As we age, we can expect minor forgetfulness, differences in our bodies, and slight personality changes.
But increasing muscle loss and stiffness, frequent falls, reduced alertness, and dizziness may be early signs of Lewy Body Dementia.
While Alzheimer’s is the most common type of dementia, Lewy Body Dementia comes in second. It is more challenging to diagnose than other types of dementia, but an earlier diagnosis can help seniors get proper treatment.
If you notice your senior loved one experiencing changes in focus, reduced coordination, difficulty swallowing, or behavioral and personality changes, you have options — including memory care.
There is a link between women and dementia but it’s been debated what that link actually is. Let’s look at the causes of lewy body dementia, prevention and risks for women, and how assisted living can help.
Causes of Lewy Body Dementia
The exact cause of Lewy Body Dementia is a build-up of the protein alpha-synuclein (Lewy Bodies) in the brain. These microscopic proteins gradually damage brain cells over time, affecting a senior’s ability to move and think.
What causes these proteins to clump together and grow is unknown. Scientists are still researching this progressive neurodegenerative disease and searching for answers.
Women and dementia —their risks
Until recently, experts assumed that women were at greater risk for dementia because they lived longer than men. While this is true to an extent, as aging is a risk factor, it is not entirely accurate.
Menstruation and how many successful pregnancies a woman has can play a role in her risk. For instance, women with more than one child are less likely to develop dementia than those with only one.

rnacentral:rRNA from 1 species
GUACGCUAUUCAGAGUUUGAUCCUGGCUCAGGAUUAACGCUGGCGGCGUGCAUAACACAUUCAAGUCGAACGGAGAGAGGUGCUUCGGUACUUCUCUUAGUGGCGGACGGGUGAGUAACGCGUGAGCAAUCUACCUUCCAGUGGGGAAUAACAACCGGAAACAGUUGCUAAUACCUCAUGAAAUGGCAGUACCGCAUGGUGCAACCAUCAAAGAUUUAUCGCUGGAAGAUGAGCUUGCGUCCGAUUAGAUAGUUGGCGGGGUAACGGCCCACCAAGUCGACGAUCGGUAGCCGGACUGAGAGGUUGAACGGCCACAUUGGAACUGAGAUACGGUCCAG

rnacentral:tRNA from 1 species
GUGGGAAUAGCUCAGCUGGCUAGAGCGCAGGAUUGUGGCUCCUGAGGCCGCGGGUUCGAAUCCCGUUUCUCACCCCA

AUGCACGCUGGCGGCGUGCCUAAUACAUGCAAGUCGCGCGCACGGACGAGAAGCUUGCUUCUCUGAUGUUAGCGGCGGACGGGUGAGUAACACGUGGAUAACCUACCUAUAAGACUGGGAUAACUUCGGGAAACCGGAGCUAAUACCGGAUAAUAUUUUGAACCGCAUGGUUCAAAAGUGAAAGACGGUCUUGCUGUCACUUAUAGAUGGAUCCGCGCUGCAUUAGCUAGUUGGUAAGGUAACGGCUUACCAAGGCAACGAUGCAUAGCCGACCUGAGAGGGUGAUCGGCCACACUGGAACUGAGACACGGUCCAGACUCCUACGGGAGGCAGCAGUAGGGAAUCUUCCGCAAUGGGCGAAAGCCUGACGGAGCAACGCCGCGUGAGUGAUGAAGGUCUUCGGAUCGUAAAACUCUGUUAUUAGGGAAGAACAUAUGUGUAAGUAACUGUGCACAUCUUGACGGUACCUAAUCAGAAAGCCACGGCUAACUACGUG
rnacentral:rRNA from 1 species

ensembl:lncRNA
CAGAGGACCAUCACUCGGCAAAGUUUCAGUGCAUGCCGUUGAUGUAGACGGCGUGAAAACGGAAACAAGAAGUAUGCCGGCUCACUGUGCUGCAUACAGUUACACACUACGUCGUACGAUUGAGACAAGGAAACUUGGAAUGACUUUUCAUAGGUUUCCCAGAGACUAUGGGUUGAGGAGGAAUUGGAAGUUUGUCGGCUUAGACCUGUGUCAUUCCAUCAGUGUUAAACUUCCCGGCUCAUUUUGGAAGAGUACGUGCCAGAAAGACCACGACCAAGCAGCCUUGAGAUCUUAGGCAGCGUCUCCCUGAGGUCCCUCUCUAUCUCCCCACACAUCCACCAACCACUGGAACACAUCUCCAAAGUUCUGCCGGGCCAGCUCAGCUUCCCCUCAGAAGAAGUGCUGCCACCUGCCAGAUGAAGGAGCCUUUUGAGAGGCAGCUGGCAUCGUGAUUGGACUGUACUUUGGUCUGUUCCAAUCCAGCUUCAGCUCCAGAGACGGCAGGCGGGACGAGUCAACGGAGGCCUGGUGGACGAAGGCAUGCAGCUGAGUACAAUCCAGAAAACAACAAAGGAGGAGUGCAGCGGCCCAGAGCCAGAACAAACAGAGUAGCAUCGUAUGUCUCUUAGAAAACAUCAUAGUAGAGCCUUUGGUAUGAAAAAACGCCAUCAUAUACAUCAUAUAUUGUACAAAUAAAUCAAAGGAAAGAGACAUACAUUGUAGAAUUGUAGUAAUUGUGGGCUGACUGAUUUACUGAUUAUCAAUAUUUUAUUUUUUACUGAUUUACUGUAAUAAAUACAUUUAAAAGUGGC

The theory is that estrogen may protect brain cells. The more pregnancies a woman has, the more her body will produce estrogen. When a female begins menstruation at a young age, she creates this hormone early, which is beneficial as well.
Research has shown that social roles, such as being a caregiver, can also put women at a greater risk for developing memory diseases. Women are typically caregivers for their families, children, and spouses.
Depression and anxiety are more common in women and caregivers and affect mental health, the brain, and heighten their risk.
Genetic factors are at play too. The gene APOE4 increases a woman’s risk, while it doesn’t seem to make a difference in males with the same gene.
What can women do to prevent dementia?
There is no guaranteed way to prevent Lewy Body Dementia, but eating a healthy well-balanced diet, and exercising regularly can help. These both promote brain and heart health.
Your loved one cannot stop themselves from aging or change their genes, but they can decrease their chances of stroke, high blood pressure, and diabetes. Each of these has been correlated with a higher risk of Lewy Body Dementia.
Caregivers can keep a clear mind and manage their stress by participating in calming activities like meditation and yoga. Decreasing depression and anxiety can lower the risk of LBD.